Warning: No-Groping Zone
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They delivered a cold stare, then a sharp reprimand and finally gave a rousing shout for Roque Jose Santos to get out of their train car.
"This one's just for women, don't you know?" one female passenger cried as the 66-year-old music technician scuttled out of the compartment where, under Brazilian law, no men are allowed.
Last week, Rio de Janeiro became the world's third major city to bring women-only cars to its commuting trains and subways, joining Tokyo and Mexico City. A new law mandates a separate car for women during rush hour, marked on the outside by a pink-striped sticker or a sign with the symbol of a woman.
Many women have welcomed the law as a relief from the groping and sexual harassment they regularly experience in the packed cars. "Men think it's extremely normal to do this. They don't feel guilty at all," says Monica Aranjo Neves, 34, an administrative assistant who has been groped on several occasions. "We have to go to work, then take care of everything at home, and we shouldn't have to deal with this on the train."
Although transportation security will intervene, female passengers have taken it upon themselves to keep out invading men. While most men duck out quickly once they've realized their mistake, some are adamant about staying put, infuriated by what they consider to be a discriminatory measure.
"I'm against any form of inequality and segregation," says Paulo Vitor Matia, 18, a student. "They're acting as if women aren't capable of defending themselves, and they're labeling all men as abusers." Within the first week of the law, police have registered at least two incidents of men who claim to have been violently ejected from the women-only cars by security officers.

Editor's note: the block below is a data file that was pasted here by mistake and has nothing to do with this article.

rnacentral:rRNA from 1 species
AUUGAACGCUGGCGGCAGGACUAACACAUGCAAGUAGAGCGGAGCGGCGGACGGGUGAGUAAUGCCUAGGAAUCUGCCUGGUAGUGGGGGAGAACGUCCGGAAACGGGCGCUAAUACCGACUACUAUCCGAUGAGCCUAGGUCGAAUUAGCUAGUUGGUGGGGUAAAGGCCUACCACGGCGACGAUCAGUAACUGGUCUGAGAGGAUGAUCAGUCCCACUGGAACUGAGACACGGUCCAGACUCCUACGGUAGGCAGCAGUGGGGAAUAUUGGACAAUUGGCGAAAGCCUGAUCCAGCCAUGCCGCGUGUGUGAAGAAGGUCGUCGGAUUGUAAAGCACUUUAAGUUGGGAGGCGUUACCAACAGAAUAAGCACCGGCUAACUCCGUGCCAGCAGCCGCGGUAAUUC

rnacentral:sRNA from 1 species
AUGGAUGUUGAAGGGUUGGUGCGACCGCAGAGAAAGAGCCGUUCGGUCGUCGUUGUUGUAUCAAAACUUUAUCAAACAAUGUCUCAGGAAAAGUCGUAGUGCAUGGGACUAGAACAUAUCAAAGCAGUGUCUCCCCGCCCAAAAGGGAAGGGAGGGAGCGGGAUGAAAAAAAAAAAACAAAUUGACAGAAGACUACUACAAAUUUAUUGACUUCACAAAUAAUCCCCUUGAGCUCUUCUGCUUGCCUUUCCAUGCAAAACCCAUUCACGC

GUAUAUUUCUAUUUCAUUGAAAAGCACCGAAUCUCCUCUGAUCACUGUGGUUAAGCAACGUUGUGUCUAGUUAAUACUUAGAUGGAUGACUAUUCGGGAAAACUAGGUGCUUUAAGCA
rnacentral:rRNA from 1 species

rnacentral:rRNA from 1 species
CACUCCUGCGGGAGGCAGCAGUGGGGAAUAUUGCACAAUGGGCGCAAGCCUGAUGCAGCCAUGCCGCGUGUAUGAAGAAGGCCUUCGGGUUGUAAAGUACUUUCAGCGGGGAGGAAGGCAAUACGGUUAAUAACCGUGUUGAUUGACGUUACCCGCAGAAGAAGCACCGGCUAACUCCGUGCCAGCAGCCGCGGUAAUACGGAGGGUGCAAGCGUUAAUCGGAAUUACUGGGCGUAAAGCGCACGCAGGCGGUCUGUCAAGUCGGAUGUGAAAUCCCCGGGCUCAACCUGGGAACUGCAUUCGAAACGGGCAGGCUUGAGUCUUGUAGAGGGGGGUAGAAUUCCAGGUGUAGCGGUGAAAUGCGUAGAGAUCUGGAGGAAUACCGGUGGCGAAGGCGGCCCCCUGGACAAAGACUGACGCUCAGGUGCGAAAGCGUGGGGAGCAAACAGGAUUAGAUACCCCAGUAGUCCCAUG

Proponents of the law argue that it was popular complaint that prompted the measure, gauged by calls received on a citizen's hotline. "It might seem like a law from another century. But unfortunately, the behavior of some Brazilian men is from another century," says a spokesperson for Representative Jorge Picciani, president of Rio de Janeiro State's Legislative Assembly, who authored the law. "It's a very old problem. Our grandmothers used to carry crochet needles on the trains to defend themselves from abuses. Whoever rides the trains knows how it is."
According to an online poll conducted last February by O Globo, a Brazilian newspaper, 67 percent of those polled were in favor of the measure. The widespread nature of the problem has even reached Orkut, the social networking website popular amongst Brazilians. An online community dedicated to "those who enjoy pressing up against women on crowded buses and trains" boasts 130 members and encourages them to leave descriptions of their encounters on the site.
Nevertheless, some believe the problem has little to do with the repellent intentions of Brazilian men -- and everything to do with an underfunded, overcrowded transportation system. "This happens in any crowd. The proximity of bodies creates a sense of permissiveness," says Andreia Maciel Garcia, 34, a theater professor at UniverCidade in Rio. "The issue is that these trains are too crowded, and the service provided is insufficient to give enough room for passengers to be comfortable."